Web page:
Being the youngest mayor in Hoboken’s history only added to his cockiness.  The uncanny condescension Cammarano issued to the public from his chair in the City Council went unnoticed by the local media.  In short, the media played him up to be a rising star even as he would frequently interrupt members of the public during the public portion, heckle them and/or make snide remarks under his breath when they came to speak on the most innocuous of issues.  When this was mentioned in a passing discussion to a City Councilman he remarked without disagreement saying, “I tried to reign him in.”  

The downfall appeared to be a shock to some but as one lovely dark brunette Da Horsey met at an anti-Cammarano protest said, “I don’t follow politics much but I knew that guy was a douchebag right away.”  A supporter who worked with him before and after the campaign saw the arrogance first hand recently said, “You could see we had made a monster.  His ego was out of control.”

As the media milled about outside City Hall with the humidity only increasing under a blistering sun, a municipal employee dressed in a matching pinkish sweat suit walked over to the glass doors of the main entrance, looked down on the gathering below and muttered, “I hate them” to no one in particular before turning around and complaining aloud some more about the turn of events.  City Clerk Jimmy Farina walking by heard her laments and gave her a sympathetic hug.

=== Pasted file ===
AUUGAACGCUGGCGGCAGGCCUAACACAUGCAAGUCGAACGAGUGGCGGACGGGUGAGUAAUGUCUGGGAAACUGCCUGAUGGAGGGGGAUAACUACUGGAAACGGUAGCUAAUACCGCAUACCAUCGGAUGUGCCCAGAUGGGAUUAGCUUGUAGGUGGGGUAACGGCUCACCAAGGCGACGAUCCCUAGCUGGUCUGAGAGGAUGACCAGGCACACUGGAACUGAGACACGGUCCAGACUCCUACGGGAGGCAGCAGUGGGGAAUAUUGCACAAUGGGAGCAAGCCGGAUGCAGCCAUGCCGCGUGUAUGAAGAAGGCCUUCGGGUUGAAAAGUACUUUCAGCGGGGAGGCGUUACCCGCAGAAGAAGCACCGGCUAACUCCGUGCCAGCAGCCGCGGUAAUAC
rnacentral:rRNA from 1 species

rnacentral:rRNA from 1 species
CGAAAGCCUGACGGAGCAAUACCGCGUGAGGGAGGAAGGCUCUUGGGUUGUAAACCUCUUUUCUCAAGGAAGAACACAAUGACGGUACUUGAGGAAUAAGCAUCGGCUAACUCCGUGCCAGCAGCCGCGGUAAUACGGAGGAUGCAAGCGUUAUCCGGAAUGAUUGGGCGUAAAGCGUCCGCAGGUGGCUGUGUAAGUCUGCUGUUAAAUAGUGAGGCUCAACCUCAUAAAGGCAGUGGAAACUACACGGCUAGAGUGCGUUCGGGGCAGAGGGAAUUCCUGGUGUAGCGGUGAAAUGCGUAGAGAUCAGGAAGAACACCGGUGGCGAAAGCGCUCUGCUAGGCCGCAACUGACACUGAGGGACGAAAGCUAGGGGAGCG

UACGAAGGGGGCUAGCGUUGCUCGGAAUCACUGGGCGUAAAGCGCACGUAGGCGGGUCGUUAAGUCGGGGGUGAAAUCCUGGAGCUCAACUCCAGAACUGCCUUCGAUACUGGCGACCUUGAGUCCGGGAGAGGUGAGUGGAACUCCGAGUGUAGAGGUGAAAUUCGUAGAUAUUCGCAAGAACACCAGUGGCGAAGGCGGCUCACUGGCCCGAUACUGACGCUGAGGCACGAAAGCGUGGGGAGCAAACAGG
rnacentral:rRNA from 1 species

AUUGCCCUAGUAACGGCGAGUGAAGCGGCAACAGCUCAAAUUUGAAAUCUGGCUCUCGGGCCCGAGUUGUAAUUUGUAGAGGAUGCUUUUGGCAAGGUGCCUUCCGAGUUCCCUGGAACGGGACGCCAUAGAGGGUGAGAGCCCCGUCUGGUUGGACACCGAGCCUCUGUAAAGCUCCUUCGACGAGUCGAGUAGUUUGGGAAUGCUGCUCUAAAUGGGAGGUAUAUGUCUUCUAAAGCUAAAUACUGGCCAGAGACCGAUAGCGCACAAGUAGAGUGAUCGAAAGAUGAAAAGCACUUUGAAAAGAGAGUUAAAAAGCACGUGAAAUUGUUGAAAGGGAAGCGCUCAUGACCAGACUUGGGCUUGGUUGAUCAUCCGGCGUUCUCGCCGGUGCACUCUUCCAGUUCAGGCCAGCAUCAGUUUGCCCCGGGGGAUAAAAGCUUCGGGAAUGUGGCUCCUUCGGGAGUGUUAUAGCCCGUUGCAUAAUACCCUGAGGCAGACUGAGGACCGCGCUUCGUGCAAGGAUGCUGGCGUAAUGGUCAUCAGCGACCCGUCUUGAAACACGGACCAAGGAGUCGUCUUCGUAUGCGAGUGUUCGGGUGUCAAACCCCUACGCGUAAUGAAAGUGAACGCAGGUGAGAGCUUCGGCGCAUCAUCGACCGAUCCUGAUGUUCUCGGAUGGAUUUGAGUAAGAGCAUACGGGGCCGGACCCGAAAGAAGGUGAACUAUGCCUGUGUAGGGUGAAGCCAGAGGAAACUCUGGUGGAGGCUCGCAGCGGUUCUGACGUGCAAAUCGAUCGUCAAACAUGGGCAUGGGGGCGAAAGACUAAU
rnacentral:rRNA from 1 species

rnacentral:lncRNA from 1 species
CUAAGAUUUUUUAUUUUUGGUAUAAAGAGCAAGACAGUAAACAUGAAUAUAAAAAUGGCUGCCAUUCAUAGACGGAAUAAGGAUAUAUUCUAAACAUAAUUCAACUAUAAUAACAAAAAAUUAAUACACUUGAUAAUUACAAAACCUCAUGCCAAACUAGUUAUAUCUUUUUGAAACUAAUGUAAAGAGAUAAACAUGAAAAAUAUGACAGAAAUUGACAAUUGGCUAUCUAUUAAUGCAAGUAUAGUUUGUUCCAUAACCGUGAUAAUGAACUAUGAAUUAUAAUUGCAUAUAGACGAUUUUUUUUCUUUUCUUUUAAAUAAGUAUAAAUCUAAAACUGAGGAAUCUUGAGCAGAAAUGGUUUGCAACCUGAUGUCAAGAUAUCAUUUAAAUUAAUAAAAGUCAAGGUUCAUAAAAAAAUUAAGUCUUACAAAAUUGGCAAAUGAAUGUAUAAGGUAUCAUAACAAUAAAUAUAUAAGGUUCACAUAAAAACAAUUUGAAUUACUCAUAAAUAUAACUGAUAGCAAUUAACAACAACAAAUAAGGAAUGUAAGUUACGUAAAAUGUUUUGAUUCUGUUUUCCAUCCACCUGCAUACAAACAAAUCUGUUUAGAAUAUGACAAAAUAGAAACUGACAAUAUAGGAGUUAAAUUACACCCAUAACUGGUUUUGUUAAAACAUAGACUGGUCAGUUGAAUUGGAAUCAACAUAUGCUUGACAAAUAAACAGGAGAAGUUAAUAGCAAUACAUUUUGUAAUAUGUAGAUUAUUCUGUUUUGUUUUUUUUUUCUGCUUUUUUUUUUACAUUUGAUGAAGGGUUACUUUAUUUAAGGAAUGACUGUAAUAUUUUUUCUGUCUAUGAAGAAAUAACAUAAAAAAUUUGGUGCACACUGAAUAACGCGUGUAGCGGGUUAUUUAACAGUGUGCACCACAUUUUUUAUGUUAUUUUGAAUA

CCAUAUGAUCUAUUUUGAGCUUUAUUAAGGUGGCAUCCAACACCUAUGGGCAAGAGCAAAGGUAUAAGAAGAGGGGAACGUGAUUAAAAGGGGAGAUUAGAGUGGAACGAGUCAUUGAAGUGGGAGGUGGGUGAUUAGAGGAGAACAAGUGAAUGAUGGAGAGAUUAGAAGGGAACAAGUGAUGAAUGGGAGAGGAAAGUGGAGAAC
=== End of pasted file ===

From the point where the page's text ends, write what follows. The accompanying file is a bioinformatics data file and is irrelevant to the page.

Just earlier, Da Horsey had signed in at about 9:15 and asked the security guard where the swearing in would be taking place later.  Upon hearing that, the older man sitting at the desk turned red, barred some teeth in need of dental work and growled, “What swearing in?  There’s no swearing in today.”  A police officer standing not three few feet away looked over with a huge smile of mocking approval.  Even walking away, the man continued to grumble loudly, “How can you say that?  You have some nerve…”  A couple of “take it easys” from afar did little to mollify his anger.